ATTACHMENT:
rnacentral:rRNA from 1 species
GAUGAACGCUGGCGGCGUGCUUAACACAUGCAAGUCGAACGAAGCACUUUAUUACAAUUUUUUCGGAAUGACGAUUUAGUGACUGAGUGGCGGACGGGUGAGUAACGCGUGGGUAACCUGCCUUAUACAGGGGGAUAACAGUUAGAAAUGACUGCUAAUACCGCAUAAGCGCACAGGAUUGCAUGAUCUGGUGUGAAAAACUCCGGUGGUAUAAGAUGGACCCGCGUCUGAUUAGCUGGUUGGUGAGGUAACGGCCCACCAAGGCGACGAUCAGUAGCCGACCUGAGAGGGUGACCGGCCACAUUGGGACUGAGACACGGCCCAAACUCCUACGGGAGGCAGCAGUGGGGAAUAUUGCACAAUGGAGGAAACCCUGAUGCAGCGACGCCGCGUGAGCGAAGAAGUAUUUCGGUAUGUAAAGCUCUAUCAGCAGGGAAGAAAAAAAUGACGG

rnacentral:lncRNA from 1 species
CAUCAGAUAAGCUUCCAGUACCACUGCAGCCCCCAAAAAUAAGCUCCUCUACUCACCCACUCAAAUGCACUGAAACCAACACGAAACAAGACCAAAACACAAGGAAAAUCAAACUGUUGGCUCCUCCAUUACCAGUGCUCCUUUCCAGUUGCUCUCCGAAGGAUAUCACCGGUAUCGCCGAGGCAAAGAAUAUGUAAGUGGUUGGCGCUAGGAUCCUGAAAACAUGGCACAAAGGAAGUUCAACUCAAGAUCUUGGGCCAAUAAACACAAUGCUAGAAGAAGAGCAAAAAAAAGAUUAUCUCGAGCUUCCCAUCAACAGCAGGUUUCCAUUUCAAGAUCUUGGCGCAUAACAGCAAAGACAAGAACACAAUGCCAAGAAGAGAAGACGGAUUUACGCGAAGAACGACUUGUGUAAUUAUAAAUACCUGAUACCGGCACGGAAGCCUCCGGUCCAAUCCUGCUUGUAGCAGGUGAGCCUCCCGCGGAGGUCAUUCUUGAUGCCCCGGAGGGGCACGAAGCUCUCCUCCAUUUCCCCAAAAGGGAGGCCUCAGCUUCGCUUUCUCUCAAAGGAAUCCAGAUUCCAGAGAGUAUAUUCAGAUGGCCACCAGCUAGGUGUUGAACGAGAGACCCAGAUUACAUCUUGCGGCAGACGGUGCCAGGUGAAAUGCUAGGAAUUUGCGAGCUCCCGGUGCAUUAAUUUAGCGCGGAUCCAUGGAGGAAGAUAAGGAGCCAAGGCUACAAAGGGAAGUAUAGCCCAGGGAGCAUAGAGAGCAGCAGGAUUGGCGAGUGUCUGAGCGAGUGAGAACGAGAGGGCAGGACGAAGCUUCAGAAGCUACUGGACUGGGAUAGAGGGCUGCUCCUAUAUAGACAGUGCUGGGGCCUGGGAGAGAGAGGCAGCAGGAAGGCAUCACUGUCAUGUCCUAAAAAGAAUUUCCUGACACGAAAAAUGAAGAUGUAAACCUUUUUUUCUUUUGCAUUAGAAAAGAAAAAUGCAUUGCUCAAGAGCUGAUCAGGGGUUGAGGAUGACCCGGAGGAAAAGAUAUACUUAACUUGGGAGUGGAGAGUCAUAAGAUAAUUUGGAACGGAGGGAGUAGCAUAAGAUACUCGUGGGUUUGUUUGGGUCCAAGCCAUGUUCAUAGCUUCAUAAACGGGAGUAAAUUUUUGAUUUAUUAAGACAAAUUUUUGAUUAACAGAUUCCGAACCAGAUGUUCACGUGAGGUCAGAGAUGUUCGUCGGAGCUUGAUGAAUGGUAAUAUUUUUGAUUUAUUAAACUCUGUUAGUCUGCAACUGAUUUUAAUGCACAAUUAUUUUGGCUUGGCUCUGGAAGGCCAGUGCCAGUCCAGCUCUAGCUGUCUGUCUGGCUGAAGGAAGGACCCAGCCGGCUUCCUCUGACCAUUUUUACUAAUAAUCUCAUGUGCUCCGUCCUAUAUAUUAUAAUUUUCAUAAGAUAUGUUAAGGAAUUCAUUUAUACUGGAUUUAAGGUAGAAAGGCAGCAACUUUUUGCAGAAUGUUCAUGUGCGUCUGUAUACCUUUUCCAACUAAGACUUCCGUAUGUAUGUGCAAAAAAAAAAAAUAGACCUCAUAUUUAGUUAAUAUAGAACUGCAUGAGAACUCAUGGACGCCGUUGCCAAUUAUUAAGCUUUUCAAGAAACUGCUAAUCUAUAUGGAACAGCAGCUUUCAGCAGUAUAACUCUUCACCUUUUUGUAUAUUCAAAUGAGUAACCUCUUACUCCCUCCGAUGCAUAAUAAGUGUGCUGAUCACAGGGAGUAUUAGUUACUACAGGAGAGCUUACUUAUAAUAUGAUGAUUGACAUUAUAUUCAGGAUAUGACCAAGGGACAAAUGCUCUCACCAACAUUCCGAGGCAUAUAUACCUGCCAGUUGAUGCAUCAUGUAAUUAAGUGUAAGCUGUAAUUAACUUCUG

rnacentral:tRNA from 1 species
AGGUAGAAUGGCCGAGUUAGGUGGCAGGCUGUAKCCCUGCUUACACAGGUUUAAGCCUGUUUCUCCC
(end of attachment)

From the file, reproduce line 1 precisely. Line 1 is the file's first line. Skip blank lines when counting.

rnacentral:rRNA from 1 species